Perhaps the most valuable result of all education is the ability to make yourself do the thing you have to do, when it ought to be done, whether you like it or not. – Walter Bagehot, British economist, essayist, and critic
A colleague recently attended a workshop and brought me back a delightful book, What Teachers Make by Taylor Mali. Among many inspiring quotes in the book, this one is at the beginning of chapter in which Mali discusses why he doesn’t let middle schoolers leave class to go to the bathroom or especially ‘to get a drink of water’. Though not trying to be mean, Mali says that “much of life is simply learning to buckle down and do what you have to do even though you don’t really feel like doing it.” Furthermore he says, “Great teaching moments happen in the classroom all the time when you least expect them! It would be a shame if a students missed one just because he had a short attention span or a habit of cutting out when things got slightly uncomfortable.”
I see adult life all over that quote. Mature adults don’t just “cut out when things get slightly uncomfortable.” Isn’t some of working, parenting, marriage and homemaking buckling down and doing what you don’t really feel like doing? I remind my students when they are tempted to complain about their assignments that changing their diapers and doing their laundry isn’t the fun part of parenting, that paying bills isn’t something anyone ever feels like doing, that entering grades on the computer is boring to me and I’m never in the mood to do it, but it’s part of my job and pretty important to them.
This quote and Taylor Mali’s point are perhaps most poignant this week because I am in the midst of teaching ancient Greek literature to fourteen-year-olds who like to remind me daily, “This is hard,” “I don’t understand it,” “ But I don’t like to read.” As if somehow those statements will make the curriculum optional. They might could skate through life without having read Homer’s Odyssey, but they will not skate through life without the ability to read a complex text. In a college preparatory school, the expectation of their parents is that they will attend four-year universities and receive a professional degree. To think one can do that without reading complex material is asinine. History, biology, calculus: do those college texts come in easy-to-read entertaining formats? Are nursing students and future engineers and business majors now getting degrees without reading? No matter how tech savvy this generation may be, the need to read complex material, critically think it through to discern its meaning, importance, and validity will never go away. In fact, it may be more important than ever in this digital age where communication is its various forms is more subtle than its ever been.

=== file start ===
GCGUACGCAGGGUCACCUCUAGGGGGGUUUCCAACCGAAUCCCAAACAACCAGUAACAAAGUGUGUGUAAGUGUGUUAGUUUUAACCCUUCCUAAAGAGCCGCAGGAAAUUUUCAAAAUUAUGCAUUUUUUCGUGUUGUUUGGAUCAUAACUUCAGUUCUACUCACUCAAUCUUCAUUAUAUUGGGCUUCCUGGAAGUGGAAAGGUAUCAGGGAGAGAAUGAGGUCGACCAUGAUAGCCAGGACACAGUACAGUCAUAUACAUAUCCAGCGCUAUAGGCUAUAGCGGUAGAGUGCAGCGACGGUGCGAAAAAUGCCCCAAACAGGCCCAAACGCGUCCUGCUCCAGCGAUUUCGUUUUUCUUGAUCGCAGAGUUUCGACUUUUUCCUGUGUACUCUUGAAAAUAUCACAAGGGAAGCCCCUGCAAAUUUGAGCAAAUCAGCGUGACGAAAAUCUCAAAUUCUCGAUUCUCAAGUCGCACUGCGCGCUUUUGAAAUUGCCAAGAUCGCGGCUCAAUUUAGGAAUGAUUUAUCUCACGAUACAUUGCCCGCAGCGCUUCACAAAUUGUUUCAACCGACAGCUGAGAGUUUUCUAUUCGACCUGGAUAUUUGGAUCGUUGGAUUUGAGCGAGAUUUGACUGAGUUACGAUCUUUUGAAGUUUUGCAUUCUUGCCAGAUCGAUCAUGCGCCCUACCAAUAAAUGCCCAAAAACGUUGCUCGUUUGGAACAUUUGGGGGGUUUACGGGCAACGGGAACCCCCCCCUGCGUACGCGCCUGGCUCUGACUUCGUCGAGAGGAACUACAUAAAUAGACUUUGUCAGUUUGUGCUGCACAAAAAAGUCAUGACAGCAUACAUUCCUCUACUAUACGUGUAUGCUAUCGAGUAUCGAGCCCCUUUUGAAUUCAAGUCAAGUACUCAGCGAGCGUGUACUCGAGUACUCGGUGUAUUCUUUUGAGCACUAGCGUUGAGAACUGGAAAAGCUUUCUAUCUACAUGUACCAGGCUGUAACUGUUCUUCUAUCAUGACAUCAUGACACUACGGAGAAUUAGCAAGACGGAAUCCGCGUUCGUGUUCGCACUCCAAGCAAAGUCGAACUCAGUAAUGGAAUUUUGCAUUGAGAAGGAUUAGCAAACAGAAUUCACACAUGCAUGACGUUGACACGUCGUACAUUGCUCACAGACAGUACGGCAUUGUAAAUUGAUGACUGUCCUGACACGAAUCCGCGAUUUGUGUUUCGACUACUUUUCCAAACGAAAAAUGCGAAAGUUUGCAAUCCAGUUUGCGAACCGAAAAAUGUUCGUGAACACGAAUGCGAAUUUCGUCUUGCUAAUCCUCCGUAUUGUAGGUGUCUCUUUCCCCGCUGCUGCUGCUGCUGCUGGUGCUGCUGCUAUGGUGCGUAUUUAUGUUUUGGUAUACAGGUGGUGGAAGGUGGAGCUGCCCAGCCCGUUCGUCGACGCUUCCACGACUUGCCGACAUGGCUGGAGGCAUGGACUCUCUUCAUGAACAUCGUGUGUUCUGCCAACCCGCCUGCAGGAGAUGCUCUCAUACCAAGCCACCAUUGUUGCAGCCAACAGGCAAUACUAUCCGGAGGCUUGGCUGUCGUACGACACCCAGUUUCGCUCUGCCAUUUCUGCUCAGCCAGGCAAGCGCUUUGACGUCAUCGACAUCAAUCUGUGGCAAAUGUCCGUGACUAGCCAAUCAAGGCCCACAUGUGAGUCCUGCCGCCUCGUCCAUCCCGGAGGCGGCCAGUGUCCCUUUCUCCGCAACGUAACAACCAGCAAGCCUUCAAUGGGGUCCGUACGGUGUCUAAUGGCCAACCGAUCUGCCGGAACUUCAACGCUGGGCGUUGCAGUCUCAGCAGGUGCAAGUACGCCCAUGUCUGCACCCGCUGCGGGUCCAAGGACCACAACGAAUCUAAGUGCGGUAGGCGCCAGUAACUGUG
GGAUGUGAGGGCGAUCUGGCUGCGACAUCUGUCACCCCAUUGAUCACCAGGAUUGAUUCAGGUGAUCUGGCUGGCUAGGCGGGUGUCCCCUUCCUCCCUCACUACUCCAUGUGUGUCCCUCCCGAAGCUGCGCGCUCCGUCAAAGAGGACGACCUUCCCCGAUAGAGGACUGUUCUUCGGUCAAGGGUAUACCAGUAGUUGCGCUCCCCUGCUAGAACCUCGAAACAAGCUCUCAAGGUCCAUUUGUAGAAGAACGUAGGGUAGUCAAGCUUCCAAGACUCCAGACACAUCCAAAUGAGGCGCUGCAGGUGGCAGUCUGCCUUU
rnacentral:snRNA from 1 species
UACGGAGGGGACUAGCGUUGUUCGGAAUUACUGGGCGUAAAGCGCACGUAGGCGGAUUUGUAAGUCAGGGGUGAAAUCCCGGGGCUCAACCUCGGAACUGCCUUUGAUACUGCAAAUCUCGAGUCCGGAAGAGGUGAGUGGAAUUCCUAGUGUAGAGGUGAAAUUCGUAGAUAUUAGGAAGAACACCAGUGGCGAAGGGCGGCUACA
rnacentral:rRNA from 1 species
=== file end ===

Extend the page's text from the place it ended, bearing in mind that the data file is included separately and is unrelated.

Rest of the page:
Technology provides all sorts of ways to make the task of reading complex materials easier. For my students who are in an Apple 1:1 school, their textbook in online with an audio feature. Struggling readers can listen to The Odyssey being read to them. The internet provides an infinite number of possibilities to search for supplemental materials to help one understand the story. As a teacher, I scaffold the reading with guiding questions, comprehension checks, visual aids and class discussions. Still, as Carol Jago, one of the leading English educators in the field, says, “It is not possible to teach classical literature to students who will not read outside of class.” I might add, even more impossible if they won’t read in class either.